Random eye-test saves the life of mum with cancer

GOOD TO BE ALIVE -- brave mum Sarah with husband Stuart and three of her children, Daniel, Emily and Jessica
GOOD TO BE ALIVE -- brave mum Sarah with husband Stuart and three of her children, Daniel, Emily and Jessica

A MUM-of-four from Hucknall has revealed how a spur-of-the-moment eye-test revealed a cancerous tumour — and ultimately saved her life.

Sarah Beeston (39) went for the check-up at the Specsavers branch on High Street.

It was the first time she had visited an optician’s in seven years.

But little did she know that her whole world was about to be turned upside down.

For a specialist camera picked up a growth on the optic nerve in her right eye.

After immediately being referred to hospital and then undergoing tests in Sheffield, Sarah, of Minster Close, was diagnosed with a rare form of eye cancer.

“My immediate thought was that I wouldn’t be around to see my children grow up,” said Sarah, who is mum to Josh (17), Daniel (15), Emily (six) and Jessica (two).

Thankfully the cancer was spotted early enough and although Sarah has had to have her eye removed, she says she feels she has “been given a second chance”.

She has also heaped praise on her family and Specsavers, particularly store director and optometrist Stephen Archer who spotted the abnormality.

“I basically owe my life to Stephen,” said Sarah, who is married to long-distance lorry-driver Stuart (43).

“I can’t thank him and the Specsavers staff enough. I also cannot thank my family enough. Without their support, I wouldn’t have got through this.”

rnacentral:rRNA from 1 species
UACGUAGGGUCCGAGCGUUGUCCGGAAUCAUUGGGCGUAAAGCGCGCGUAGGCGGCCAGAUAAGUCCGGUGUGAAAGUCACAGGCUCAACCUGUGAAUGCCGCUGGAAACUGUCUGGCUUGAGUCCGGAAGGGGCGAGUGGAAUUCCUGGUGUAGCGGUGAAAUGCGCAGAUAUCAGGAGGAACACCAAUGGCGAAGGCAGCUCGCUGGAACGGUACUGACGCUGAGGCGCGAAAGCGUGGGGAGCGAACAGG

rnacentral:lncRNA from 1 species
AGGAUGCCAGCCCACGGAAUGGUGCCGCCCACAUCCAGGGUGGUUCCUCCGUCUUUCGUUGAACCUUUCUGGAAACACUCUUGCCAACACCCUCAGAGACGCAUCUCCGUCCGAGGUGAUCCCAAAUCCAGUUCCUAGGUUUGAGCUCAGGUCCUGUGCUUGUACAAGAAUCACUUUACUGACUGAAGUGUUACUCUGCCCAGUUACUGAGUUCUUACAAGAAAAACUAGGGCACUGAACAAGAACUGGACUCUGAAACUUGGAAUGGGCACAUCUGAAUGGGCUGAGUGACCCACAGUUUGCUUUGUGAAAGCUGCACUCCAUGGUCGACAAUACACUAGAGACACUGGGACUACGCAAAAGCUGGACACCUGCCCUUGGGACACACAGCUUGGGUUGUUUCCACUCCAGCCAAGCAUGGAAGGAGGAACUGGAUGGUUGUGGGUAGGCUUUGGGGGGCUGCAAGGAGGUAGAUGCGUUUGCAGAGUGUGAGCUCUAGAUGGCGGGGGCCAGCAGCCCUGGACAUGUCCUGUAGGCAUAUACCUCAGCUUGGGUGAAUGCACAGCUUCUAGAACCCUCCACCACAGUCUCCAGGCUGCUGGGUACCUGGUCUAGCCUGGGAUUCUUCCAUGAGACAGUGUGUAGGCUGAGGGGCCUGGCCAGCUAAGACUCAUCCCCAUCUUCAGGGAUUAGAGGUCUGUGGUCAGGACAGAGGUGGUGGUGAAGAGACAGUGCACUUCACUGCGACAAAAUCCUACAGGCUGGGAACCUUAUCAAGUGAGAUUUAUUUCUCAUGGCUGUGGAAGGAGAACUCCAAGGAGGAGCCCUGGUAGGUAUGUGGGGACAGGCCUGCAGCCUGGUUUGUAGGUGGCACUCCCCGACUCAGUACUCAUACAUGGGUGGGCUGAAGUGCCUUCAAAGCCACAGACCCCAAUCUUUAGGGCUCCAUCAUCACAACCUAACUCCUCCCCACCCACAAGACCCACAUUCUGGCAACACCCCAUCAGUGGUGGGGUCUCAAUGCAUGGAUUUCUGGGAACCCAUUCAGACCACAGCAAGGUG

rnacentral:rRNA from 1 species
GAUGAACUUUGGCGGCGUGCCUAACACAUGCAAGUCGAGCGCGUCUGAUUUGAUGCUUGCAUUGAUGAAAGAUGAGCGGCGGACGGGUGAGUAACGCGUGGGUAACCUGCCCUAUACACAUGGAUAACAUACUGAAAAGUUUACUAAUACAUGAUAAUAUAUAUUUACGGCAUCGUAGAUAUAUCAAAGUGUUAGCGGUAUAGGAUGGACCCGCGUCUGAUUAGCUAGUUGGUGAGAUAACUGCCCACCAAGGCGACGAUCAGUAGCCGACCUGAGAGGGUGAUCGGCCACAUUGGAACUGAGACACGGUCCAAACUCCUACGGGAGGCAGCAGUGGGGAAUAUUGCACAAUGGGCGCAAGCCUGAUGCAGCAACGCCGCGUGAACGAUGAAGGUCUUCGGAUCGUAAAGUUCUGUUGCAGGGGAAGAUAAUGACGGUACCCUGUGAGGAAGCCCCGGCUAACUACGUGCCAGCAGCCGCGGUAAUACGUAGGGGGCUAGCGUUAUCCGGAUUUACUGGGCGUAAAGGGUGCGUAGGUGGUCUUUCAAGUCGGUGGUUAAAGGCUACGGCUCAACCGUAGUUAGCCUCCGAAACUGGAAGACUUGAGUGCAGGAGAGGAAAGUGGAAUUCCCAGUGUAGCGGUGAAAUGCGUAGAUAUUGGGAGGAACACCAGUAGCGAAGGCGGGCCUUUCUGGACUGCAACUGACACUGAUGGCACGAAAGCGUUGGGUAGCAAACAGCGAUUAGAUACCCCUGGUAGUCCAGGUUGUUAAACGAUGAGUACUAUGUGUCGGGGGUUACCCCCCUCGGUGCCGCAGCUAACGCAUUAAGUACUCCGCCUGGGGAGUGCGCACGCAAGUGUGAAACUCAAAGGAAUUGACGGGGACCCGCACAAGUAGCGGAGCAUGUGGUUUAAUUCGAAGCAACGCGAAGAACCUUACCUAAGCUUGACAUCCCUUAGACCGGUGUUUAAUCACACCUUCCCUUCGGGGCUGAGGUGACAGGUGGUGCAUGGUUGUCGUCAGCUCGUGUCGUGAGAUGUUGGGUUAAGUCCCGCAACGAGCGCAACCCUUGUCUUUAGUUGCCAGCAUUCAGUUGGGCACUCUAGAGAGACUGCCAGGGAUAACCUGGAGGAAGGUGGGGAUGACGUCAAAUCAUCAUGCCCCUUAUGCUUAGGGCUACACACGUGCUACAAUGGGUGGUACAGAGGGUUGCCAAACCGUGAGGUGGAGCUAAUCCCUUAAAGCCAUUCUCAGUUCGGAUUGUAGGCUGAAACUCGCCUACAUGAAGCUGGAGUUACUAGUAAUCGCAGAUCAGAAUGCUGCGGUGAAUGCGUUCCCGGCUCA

After Sarah’s original eye-test, she was rushed into the Queen’s Medical Centre in Nottingham on the same day.

Doctors there couldn’t make a full diagnosis, so she had to go back two days later.

Again there were doubts. But she was told the problem could be life-threatening.

Sarah, who runs Slimming World classes at the John Godber Centre on Ogle Street, Hucknall, was then sent to the Royal Hallamshire Hospital in Sheffield.

She went through three hours of tests under the guidance of a professor.

Eventually, a melanoma tumour, 2.8 millimetres in diameter, was diagnosed.

Sarah was given two options. The first was radiotherapy treatment, although it would have taken a year to discover whether this had killed the cancer.

The second option was to have the eye removed.

Sarah decided to have the operation. After tests to make sure the cancer hadn’t spread to her liver, she went into theatre for three hours.

She has now had a false eye fitted and is concentrating on spending quality time with her family.

“Something like this makes you realise what is important in life,” said Sarah.

“I have been very determined all through this. Losing an eye is not going to stop me doing anything.”

One of Sarah’s sons, Daniel, wanted to pay tribute to his mum’s bravery through the pages of the Dispatch.

He said: “When I found out mum had cancer, I immediately broke down crying.

“I linked it to a family friend who had recently died from cancer and I thought we were going down the same road.

“But as I saw mum coming through it, I got stronger. This has all brought us closer as a family.”

Despite the gratitude shown by Sarah and her family, Mr Archer said: “I don’t think we did anything that any other optician wouldn’t have done.

“This was just good timing and highlights the importance of regular eye-examinations.”